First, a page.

I have said that because of our appeal, I will not go into detail here on the points of law that were raised in the High Court’s judgement.
But let me set out some fundamental principles for how we move ahead.
First of all, our plan remains to invoke Article 50 by the end of March. We believe that the legal timetable should allow for that.
Second, the referendum result must be respected and delivered. The country voted to leave the European Union, in a referendum provided for by an Act of Parliament.
There must be no attempts to remain inside the EU, no attempts to re-join it through the back door, no second referendum. The country voted to leave the European Union, and it is the duty of the Government to make sure we do just that.
Parliament had its say in legislating for the referendum, which it did in both Houses, with overwhelming majorities in this House and cross-party support. The people have spoken, and we intend to act on their decision.
Third, irrespective of the on-going Court process, there is an important role for Parliament. Parliament will have a central role in making sure that we find the best way forward and we have been clear we will be as transparent and open as possible.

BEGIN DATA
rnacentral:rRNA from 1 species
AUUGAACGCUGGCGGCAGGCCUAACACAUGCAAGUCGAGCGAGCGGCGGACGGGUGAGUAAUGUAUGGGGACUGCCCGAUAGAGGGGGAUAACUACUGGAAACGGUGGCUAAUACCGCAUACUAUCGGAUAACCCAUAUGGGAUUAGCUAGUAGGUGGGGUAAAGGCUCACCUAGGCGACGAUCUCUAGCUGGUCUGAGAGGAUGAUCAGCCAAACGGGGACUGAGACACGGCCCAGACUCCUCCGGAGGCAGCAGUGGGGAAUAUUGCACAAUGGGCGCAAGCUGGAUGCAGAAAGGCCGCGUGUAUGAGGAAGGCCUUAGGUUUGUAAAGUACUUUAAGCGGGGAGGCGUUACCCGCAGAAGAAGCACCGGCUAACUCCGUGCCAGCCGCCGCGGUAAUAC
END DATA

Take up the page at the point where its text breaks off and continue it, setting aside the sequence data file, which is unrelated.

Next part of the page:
There have already been a number of debates and Parliamentary statements on Brexit and the Prime Minister has pledged that that process will continue before Article 50 is invoked.
I informed the House in October that there would be a series of debates on Brexit in Government time. The first of those is this afternoon. This is on top of a number of other debates and opportunities for scrutiny.
The new Select Committee on Exiting the EU has been established. This provides another place for parliamentary scrutiny of our withdrawal from the EU. And the Committee will be visiting my Department tomorrow, if I remember correctly.